New Blog Launch + WINNER of the Book Giveaway Announced!

Book Giveaway Winner
UPDATE 10/20/15: To view my new blog and find out who won the Blog Launch Book Giveaway, click here!

It’s been quite a while since I last posted, but I have excuses reasons!

A lot has been going on lately.  In the past six months, I have:

  • Gone through a (thankfully temporary) health condition that put me on a Medical Leave of Absence from work
  • Made the decision to resign from my high-powered corporate job – and actually did it!
  • Found out I was pregnant (surprise!) with my 3rd child
  • Begun building a freelancing/writing business

Phew!  Makes me tired just thinking about it.  But boy – it has been super exciting and I can’t wait to see where this journey takes me.

My new blog will be launching on Tuesday, October 20th, 2015.  It is called Leap of Faye and will chronicle my journey from 8-5 Corporate American to new Freelancer/Writer.  It will include my thoughts and experiences on earning money, saving money, leaving my “regular” job, parenting, pregnancy, and all of my other favorite topics.  I will continue to post here as well, but hope to make Leap of Faye my new primary personal blog.

I am excited to launch, and am hosting a Facebook contest to celebrate.  The contest will run until October 18, 2015.  One lucky reader will receive two of my favorite books:

Now, Discover Your Strengths by Marcus Buckingham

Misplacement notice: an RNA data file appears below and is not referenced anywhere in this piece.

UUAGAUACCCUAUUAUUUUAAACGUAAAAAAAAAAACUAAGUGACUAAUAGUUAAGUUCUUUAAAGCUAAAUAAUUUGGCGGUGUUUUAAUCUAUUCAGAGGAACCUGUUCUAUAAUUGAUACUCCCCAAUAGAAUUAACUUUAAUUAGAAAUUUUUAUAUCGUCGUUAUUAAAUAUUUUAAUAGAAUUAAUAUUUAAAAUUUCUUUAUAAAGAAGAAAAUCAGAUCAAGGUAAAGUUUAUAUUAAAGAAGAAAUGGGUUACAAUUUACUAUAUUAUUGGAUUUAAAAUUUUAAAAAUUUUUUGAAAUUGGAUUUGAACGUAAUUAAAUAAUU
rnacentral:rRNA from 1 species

This fascinating book includes an online test to help readers identify their top 5 personal strengths.  It then goes into detail discussing each of these strengths to help readers better understand their goals, motivations, and how to best leverage their strengths for success.  I love this book and activity, and have conducted it with many teams I’ve led in the past.

The 4-Hour Workweek: Escape 9-5, Live Anywhere, and Join the New Rich (Expanded and Updated) by Timothy Ferriss

This motivating book explores a change in perspective as to how we think of work and making a living.  It discusses the many options available to move away from a rigid 8-5 job to building your own income streams in the pursuit of greater flexibility, more time, increased fulfillment, and greater income opportunities.

Of the many books I have read over the years about making the leap, these have been the two that have resonated the most.  They are also the top two books that I continue to come back to time and time again.  I hope they inspire and motivate you as much as they do me!

You can enter the Facebook contest by clicking here: Leap of Faye Book Giveaway!  If you prefer not to use Facebook, you can still enter here: a Rafflecopter giveaway.  You will receive 1 entry for Facebook interaction, 1 entry for a Twitter follow, and 3 ENTRIES for subscribing to my new blog.  Good luck!  The contest ends on 10/18/15, and I will be announcing the winner upon the launch of my new blog on 10/20/15.

And although I will continue to see you here, I would love to have you join me on my new journey as well!  Please go to Leap of Faye to subscribe to my new blog,  or to join me on Facebook, Twitter, or Pinterest.  I hope to see you there!


Can Mothers Really Have it All?

working momI know – it’s the billion dollar question.  The question that has been debated for generations, and yet remains unclear.  Can mothers really have it all?  Or is it a myth, an unattainable rung on the ladder that serves only to remind us that we are failing?

I don’t know.